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Load Balancing between Glacier2 routers

Nis BaggesenNis Baggesen Member ✭✭✭
Ok, so we have Y clients and X different server processes which all need to communicate.

In an simple world they would just have proxies pointing directly at each other and everything would be swell.

However to protect the servers, and to simplify navigating through NATs etc. all outside connections are routed using a Glacier2 router.

All well and good, but it seems to me that this creates a sort of bottleneck as all traffic will routed back and forth through the Glacier2 router.

So how would I go about balancing load and handling faults in the routers. I assume that I can at the very least setup several routers and provide the clients with a list of possible endpoints for the routers, and then let them randomise their initial connection. But I was wondering if there was some other options I've overlooked, that might provide better balacing, migrations of sessions etc.

Comments

  • benoitbenoit Rennes, FranceAdministrators, ZeroC Staff Benoit FoucherOrganization: ZeroC, Inc.Project: Ice ZeroC Staff
    Hi,

    I don't think you overlooked any options. To balance the load of your clients, you should deploy multiple Glacier2 routers and you should provide your clients a proxy with multiple endpoints for the Glacier2 router.

    Once a client has established a session with a given router, it will exclusively use this router. There's no mechanism to migrate a session to another router. If there's a fault in a router (software or hardware problem), all the sessions handled by the router will be lost and the client will need to re-establish a session with another router.

    Benoit.
  • Nis BaggesenNis Baggesen Member ✭✭✭
    Ok. At least my intuition was right.

    Just one more question then. My client also acts as a server in order to handle push-updates from the server. In order to do so it needs to have a router configured for its own adapter. Presumably this router has to be the same router as the outgoing router set up for the clients communicator. But, if i understand correctly, if a proxy specifies multiple endpoints the actual endpoint we use is selected at random, so how do I make sure the adapter and the communicator use the same router endpoint ? Should I avoid initialising them through configuration properties, and do it in code instead?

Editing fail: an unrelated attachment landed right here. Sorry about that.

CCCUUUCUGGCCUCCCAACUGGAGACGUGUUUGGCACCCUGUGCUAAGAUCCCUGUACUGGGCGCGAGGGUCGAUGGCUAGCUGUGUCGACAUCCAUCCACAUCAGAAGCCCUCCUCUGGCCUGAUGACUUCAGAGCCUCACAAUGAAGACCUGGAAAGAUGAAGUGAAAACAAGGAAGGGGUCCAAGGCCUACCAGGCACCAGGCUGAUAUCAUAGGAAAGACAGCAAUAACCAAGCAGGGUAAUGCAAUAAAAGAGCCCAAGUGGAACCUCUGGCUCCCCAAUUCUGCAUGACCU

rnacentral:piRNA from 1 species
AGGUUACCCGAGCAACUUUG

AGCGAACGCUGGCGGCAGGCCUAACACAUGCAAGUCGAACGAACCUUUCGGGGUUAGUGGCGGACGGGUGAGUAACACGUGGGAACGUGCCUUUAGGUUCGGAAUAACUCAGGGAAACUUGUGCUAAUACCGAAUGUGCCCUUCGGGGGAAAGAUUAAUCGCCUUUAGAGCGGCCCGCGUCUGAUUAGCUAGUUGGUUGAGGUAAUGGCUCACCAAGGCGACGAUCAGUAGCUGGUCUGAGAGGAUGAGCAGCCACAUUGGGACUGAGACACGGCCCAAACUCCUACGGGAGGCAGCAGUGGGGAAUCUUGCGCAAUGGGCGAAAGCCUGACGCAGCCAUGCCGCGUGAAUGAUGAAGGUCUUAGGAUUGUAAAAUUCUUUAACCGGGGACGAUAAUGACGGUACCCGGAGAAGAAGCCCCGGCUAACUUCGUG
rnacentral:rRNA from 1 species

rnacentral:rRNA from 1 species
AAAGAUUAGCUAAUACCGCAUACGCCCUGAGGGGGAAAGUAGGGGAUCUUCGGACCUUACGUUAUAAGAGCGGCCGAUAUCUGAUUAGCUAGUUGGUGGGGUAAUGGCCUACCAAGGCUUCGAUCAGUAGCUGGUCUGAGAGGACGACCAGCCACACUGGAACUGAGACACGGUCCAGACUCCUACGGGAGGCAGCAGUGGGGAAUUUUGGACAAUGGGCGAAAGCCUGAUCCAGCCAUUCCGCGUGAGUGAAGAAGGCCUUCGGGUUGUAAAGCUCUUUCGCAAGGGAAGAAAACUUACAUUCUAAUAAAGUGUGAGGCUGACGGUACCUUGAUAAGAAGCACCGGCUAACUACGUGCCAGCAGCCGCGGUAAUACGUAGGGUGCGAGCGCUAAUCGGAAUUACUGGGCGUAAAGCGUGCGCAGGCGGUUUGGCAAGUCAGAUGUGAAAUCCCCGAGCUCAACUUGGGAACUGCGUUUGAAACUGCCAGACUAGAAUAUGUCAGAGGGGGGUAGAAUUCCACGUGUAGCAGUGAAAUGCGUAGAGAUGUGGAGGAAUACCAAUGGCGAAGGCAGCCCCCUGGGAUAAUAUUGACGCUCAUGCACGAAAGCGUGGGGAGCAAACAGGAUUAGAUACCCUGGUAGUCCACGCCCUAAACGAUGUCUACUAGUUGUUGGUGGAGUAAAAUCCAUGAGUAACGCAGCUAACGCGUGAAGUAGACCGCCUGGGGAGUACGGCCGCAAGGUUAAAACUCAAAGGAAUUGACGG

I don't know if that was all clear. In any case you've answered my main question, so i think I can figure out the rest from here.
  • marcmarc FloridaAdministrators, ZeroC Staff Marc LaukienOrganization: ZeroC, Inc.Project: The Internet Communications Engine ZeroC Staff
    If you use a router, then your object adapter doesn't need to be configured with any endpoints. Instead, the object adapter will use the connection that has been established from the client to the router to dispatch requests (i.e., the connections are used bi-directional).
  • Nis BaggesenNis Baggesen Member ✭✭✭
    marc wrote:
    If you use a router, then your object adapter doesn't need to be configured with any endpoints. Instead, the object adapter will use the connection that has been established from the client to the router to dispatch requests (i.e., the connections are used bi-directional).


    Yes, but doesn't it need to have an adapter specific router setup to enable callbacks ?

    Like in your callback demo example where you setup both

    Ice.Default.Router=Glacier2/router:ssl -p 10005

    and

    Callback.Client.Router=Glacier2/router:ssl -p 10005

    It's these router endpoints I was concerned about.
  • marcmarc FloridaAdministrators, ZeroC Staff Marc LaukienOrganization: ZeroC, Inc.Project: The Internet Communications Engine ZeroC Staff
    Yes, this is correct. I thought you meant regular endpoints.

    With Glacier2, your code usually looks something like this:
    Ice::RouterPrx routerBase = communicator()->getDefaultRouter();
    if(!routerBase)
    {
        // Error message that says that Ice.Default.Router is not set
    }
    
    Glacier2::RouterPrx router = Glacier2::RouterPrx::checkedCast(routerBase);
    if(!router)
    {
        // Error message that says that the configured router is not a Glacier2 router
    }
    
    // Establish session with the Glacier2 router (see chat demo in Connections)
    
    Ice::ObjectAdapterPtr adapter = ... ; // Create OA (no endpoints required)
    
    adapter->addRouter(router); // Add the router to the OA
    

    Of course you can also use configuration properties, but with the code above, you have to specify the router proxy only once.
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